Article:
Facebook Twitter

Radio dial: Firm linked to Real Salt Lake buying KALL radio

After $4.1M sale, station is likely to stay all-sports

SHARE Radio dial: Firm linked to Real Salt Lake buying KALL radio
David Checketts

David Checketts

KALL radio ("Hot Ticket 700," AM) is in the process of being sold.

Clear Channel, the current owner, is, according to Radio and Records, selling to Ut Radio Acquisition — headed by President/CEO David W. Checketts (of the Real Salt Lake soccer team) — for $4.1 million.

This sale means Real Salt Lake soccer broadcasts will likely end up on AM-700, and it also appears the station will remain all sports.

The "Hot Ticket" relationship to KTVX-Ch. 4 is also apparently going to remain. That's because Radio and Records reports that the deal includes a 12-month shared-services agreement between the buyer and the seller.

This also means that KALL will probably continue as the flagship sports station for the University of Utah for at least another year.

Clear Channel is selling KALL because, according to Federal Communications Commission ownership regulations, it needs to divest itself of one radio station in order to be able to purchase KUWB-TV, Ch. 30, in the Salt Lake market, from Acme Television.

Besides KALL, Clear Channel owns KTVX-TV and six other radio stations — KNRS-AM, KOSY, KZHT, KXRV, KJMY and KODJ.

KALL currently has Jim Rome. Bill Riley and Matt Thomas, among others, doing sports programs.

AM-700 hasn't done well in the overall ratings, though, since Tom Barberi was dropped from the station and it went all sports.

For the "Fall" Arbitron ratings book, listeners ages 12-plus, the station tied for last (28th place) on the list of measurable stations last month with a 0.7 percent audience share.

CITADEL EXPANSION — Walt Disney is selling 22 of its ABC radio stations to Citadel Broadcasting in a $2.7 billion deal that could create the third-largest radio group in the nation — with 177 FM stations and 66 AM stations.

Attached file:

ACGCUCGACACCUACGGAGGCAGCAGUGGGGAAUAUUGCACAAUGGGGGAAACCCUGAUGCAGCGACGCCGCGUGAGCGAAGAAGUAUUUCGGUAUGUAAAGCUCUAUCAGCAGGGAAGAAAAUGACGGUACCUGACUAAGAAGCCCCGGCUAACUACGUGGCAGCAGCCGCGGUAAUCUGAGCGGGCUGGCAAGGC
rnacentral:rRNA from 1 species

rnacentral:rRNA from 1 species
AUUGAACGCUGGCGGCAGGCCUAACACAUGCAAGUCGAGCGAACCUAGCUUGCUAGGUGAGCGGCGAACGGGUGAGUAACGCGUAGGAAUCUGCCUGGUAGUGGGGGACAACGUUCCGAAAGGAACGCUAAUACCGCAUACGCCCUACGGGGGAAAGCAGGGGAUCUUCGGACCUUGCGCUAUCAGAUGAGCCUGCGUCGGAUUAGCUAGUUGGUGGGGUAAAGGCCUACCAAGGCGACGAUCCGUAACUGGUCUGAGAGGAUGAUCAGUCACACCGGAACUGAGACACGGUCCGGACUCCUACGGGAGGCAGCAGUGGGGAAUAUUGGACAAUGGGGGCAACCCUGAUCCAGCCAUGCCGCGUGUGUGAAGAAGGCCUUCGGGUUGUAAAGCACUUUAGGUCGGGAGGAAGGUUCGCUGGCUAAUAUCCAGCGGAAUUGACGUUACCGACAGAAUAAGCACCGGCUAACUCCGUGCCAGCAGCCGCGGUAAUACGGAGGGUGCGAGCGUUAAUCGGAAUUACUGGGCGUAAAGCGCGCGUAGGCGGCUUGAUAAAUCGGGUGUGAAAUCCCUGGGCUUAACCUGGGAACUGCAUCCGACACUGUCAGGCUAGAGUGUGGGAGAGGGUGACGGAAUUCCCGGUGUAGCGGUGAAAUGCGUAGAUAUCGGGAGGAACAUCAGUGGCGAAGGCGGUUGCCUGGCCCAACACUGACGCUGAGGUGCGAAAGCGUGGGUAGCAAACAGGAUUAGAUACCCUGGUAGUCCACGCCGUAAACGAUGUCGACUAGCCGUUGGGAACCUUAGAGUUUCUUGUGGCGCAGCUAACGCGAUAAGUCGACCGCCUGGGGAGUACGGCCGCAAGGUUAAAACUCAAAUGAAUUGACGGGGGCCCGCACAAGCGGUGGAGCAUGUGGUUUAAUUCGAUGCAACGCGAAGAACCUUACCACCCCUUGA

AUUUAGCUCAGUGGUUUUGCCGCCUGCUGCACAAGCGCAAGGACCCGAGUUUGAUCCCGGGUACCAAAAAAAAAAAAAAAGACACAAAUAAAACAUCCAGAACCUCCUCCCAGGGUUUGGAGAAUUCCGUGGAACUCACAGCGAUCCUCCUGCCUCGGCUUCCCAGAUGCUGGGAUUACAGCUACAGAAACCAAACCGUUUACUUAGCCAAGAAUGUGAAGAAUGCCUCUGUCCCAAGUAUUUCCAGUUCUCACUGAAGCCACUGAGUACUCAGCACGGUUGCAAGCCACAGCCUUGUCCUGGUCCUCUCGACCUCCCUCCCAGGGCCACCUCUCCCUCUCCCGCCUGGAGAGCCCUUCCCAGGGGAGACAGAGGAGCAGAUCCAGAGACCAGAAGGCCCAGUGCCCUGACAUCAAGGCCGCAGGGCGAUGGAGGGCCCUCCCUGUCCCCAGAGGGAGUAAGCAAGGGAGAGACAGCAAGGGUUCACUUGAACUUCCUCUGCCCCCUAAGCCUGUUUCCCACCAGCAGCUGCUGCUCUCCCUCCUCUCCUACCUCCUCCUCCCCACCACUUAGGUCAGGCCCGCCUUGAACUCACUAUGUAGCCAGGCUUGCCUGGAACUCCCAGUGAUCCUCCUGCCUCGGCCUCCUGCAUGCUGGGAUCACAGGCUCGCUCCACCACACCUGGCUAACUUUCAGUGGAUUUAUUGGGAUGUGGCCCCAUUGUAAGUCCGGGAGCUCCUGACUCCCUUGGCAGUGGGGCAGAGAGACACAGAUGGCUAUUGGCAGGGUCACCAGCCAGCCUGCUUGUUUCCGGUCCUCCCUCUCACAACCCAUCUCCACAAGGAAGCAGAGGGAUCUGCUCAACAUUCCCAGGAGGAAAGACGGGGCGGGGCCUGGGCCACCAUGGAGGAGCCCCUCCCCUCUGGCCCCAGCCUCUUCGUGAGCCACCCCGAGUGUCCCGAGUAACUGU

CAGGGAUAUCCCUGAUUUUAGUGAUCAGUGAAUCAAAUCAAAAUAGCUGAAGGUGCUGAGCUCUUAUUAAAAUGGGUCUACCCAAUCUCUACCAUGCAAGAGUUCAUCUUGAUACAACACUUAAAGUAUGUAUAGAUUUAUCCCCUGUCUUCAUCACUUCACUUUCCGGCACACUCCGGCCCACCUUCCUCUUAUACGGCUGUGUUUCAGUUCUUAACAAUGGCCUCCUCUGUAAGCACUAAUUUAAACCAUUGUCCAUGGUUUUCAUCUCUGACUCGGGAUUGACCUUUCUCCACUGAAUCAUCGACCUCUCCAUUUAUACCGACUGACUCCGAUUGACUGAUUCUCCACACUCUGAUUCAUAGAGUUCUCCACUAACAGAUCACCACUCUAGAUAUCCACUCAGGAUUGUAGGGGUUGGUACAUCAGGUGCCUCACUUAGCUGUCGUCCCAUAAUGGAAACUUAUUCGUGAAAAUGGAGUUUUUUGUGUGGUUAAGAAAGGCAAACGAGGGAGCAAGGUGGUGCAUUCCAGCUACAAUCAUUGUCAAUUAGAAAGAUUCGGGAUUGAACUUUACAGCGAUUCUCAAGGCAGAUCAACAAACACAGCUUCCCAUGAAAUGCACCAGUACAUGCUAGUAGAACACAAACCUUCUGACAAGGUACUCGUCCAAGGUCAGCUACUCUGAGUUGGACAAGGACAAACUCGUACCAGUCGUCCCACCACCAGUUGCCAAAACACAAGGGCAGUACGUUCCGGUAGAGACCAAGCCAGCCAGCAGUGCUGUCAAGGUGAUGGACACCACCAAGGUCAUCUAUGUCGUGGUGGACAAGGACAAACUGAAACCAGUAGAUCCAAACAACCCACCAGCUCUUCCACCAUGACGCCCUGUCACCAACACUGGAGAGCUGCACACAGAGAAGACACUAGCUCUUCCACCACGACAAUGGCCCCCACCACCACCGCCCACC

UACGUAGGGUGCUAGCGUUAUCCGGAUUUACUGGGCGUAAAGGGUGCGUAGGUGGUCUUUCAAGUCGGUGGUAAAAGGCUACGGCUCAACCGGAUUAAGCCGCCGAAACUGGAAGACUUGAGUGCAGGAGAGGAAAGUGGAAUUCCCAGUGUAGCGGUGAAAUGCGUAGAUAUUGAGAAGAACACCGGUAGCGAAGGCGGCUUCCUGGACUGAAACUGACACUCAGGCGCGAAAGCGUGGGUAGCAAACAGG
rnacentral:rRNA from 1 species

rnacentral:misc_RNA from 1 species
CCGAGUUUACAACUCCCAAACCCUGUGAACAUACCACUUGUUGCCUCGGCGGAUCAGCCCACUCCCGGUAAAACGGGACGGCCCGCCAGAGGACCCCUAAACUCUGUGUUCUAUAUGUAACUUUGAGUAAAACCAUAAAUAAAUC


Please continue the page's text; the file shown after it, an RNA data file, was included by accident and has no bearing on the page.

Radio Disney and Disney's ESPN are not included in this package.

Locally, the Citadel cluster in Salt Lake City owns seven stations — including KBEE, KBER, KENZ, KFNZ, KUBL, KKAT and KJQS.

Eric Hauenstein, Citadel general manager for Salt Lake City, said he can't comment on the merger at this time.

RADIO HAPPENINGS — "The Radio From Hell" morning show of KXRK seems to be doing more than its share of commercials these days. For example, I recently heard Kerry Jackson and Gina Barberi doing a local Little Caesar's Pizza commercial. And the ad aired on KBEE, FM-98.7.

— Not to be outdone, Jon Carter, morning DJ on KRSP, is doing more TV lately. He's been appearing in a Chuck-A-Rama TV commercial and has also been promoting KSL-TV's upcoming evening-network lineup at the end of some 6:30 p.m. Ch. 5 newscasts.

Kim Nilson has taken over as the new host for the Grapevine Talk Radio Network and its "Healthy Wealthy Wow" program that airs Wednesdays at 8:30 p.m. on www.grapevineradio.com.

— The Super Bowl is over, but KBER (FM-101.1) had an intriguing follow-up to the year's biggest sporting event — a memorial service on Feb. 6 that lamented the end of the NFL season. Garner Funeral Home provided a casket and a hearse for the event, and listeners put their thoughts and some football memorabilia in the casket. DJs Helen Powers and Mick and Allen also helped with the clever stunt.

TWENTY YEARS AGO IN SALT LAKE RADIO — Provo's KDOT, AM-960, switches its call letters to KLZX and goes with a classic hits format. . . . KDYL abandons its all-news format, and competition with KSL, in favor of a big-band music format.

E-mail: lynn@desnews.com